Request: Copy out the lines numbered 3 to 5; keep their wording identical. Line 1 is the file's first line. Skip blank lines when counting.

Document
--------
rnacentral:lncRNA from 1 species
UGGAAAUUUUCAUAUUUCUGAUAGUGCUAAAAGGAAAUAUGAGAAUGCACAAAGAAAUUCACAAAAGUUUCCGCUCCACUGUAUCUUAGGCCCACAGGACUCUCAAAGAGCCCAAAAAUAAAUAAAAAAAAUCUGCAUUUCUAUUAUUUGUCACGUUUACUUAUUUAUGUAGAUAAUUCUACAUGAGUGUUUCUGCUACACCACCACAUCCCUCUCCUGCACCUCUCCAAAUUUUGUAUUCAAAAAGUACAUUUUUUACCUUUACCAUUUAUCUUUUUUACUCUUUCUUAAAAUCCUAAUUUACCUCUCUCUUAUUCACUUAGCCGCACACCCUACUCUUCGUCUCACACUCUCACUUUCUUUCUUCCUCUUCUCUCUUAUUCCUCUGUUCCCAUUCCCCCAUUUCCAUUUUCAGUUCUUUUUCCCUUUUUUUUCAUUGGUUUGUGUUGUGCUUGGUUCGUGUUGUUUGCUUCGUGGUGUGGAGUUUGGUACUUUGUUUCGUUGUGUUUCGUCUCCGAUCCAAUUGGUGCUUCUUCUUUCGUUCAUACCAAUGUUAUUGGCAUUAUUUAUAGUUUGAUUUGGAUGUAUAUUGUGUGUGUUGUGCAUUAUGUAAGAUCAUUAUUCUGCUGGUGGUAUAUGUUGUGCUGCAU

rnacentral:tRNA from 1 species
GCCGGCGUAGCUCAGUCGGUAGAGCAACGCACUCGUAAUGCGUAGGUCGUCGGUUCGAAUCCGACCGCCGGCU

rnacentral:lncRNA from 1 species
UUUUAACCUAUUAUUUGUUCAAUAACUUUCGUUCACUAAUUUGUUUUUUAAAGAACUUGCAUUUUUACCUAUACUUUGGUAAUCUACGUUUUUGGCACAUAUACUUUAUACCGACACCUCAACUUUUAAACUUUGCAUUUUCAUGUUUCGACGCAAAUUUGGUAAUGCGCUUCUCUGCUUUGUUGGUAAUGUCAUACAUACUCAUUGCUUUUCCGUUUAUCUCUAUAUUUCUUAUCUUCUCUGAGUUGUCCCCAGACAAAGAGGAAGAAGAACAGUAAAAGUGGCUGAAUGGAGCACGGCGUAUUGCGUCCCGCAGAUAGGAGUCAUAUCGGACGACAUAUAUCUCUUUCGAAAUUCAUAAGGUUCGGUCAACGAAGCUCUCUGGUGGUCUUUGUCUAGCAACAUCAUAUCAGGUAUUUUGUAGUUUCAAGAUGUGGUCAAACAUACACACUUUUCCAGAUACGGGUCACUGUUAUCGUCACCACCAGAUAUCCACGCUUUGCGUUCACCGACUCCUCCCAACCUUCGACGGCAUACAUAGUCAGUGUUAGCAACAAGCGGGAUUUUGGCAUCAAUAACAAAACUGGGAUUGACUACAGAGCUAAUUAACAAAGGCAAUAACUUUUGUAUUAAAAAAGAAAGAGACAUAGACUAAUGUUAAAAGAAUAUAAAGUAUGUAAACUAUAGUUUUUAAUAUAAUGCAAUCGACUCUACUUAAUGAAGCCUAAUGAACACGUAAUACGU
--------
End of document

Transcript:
rnacentral:tRNA from 1 species
GCCGGCGUAGCUCAGUCGGUAGAGCAACGCACUCGUAAUGCGUAGGUCGUCGGUUCGAAUCCGACCGCCGGCU

rnacentral:lncRNA from 1 species